The Gabonese Gas Pedal

Capture

It’s not a tragedy, but Pierre-Emerick Aubameyang had a long, two-part uphill battle to show he’s one of the best strikers in the world.

First, the fact is Aubameyang is a very fast African player. His athletic greatness is something many of the world’s sports marvel at and demand more of. Yet there’s always been a snobby air around the phrase “he’s all pace.” There’s a pretentious presumption that a player who is simply fast lacks quality to play a game born of technical savvy.

As a footballing culture, we tend to underrate players when we can’t see their impact in dictating a game through their physical gifts. We also tend to underrate them when we percieve their impact as something solely born out of those same physical gifts. Since Aubameyang can simply outrun everyone, it’s easy to brush off any tactical knowledge of how and where he makes runs.

Another factor that plays against Pierre-Emerick is that he plays for the Gabon national team. There’s “doesn’t play for a world power” and there’s “completely off the map” in terms of international football. It’s already hard enough for many African players to get recognition when their transfer value is deflated for not not being part of a European FA (see: Lyon helping force Nabil Fekir’s hand in turning down the Algeria National Team for the much more prestigious and UEFA friendly France). It’s another thing when the nation you represent isn’t within smelling distance of the World Cup, largely African footballers only chance to star on the international stage.

So while the Toure’s, Drogba, and many other African footballers feel many of these pains, few experience them in the amount and variety of ways Aubameyang has. Spurning France himself in 2009 after only one appearance for the U21 side in favor of Gabon, he took the road less traveled to being a world class striker and the guy who puts the foot to the floor for Dortmund. And even then he’s hardly the first name people mention when it comes to the Borussians.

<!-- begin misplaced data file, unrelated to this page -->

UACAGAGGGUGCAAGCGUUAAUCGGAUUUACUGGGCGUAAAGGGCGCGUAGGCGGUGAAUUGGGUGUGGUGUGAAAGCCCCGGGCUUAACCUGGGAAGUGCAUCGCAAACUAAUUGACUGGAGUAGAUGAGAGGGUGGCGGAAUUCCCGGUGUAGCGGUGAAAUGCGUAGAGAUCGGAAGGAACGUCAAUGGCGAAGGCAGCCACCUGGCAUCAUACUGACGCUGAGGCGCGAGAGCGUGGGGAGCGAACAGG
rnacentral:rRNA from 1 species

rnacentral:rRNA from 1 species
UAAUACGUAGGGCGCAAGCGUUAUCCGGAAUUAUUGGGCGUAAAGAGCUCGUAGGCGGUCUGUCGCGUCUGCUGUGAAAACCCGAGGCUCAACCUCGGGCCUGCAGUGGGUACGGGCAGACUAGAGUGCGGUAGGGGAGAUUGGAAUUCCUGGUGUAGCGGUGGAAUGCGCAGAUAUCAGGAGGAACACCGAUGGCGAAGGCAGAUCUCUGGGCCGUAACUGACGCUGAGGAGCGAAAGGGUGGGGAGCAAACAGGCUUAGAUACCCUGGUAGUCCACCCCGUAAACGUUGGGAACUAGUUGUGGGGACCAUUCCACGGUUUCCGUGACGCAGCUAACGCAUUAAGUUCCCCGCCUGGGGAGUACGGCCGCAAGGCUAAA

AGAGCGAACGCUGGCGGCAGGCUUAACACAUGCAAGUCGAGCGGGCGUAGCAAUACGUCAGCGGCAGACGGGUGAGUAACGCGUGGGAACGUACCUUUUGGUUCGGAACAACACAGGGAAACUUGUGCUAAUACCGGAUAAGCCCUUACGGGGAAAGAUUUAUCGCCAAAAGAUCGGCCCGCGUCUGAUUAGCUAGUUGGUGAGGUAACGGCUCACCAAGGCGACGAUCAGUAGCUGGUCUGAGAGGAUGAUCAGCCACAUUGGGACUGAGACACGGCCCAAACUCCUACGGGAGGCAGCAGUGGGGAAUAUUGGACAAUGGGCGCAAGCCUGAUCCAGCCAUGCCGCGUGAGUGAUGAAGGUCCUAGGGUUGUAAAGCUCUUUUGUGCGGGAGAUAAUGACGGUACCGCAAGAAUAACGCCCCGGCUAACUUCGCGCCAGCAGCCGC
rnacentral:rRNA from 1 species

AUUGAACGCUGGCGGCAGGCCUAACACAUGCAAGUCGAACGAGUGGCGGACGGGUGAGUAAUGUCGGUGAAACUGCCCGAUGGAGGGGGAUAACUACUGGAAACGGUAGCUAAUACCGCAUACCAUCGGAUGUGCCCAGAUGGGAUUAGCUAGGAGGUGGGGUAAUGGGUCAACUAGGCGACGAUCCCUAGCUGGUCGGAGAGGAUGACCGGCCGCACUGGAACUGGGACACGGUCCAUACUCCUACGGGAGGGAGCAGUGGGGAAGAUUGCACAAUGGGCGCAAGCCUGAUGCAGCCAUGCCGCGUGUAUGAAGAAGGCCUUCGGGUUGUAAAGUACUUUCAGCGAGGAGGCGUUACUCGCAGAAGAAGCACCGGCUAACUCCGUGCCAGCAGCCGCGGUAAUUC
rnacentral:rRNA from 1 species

Aubameyang was French born to his father Pierre Francois. The elder was a staple of the Gabon national team and made his career playing as a journeyman center half in Ligue 1 until the early 2000’s. Through that career he put the younger Pierre and both of his older brothers through the Milan youth academy. Between the three brothers, they made a total of one appearance for the Rossoneri (and surprise, it wasn’t Pierre-Emerick). Catalina Aubameyang played mostly in Ligue 2 and lower level Italy before electing to play for the Gabonian club Sapins, while Willy’s most notable club was Kilmarock of the Scottish Premiership.

Pierre-Emerick was evidently the most talented of the three, making impressions in each of his four loan stints to France before being sold permanently to St. Etienne. While a member of The Greens, Aubameyang found a lot of success playing out wide to the right. His pace in combination with Ivorian Max Gradel made  for one of the most potent counter-attacking forces to be reckoned with scoring 16 goals with seven assists in his first season before scoring 19 goals and 9 assists in the second season.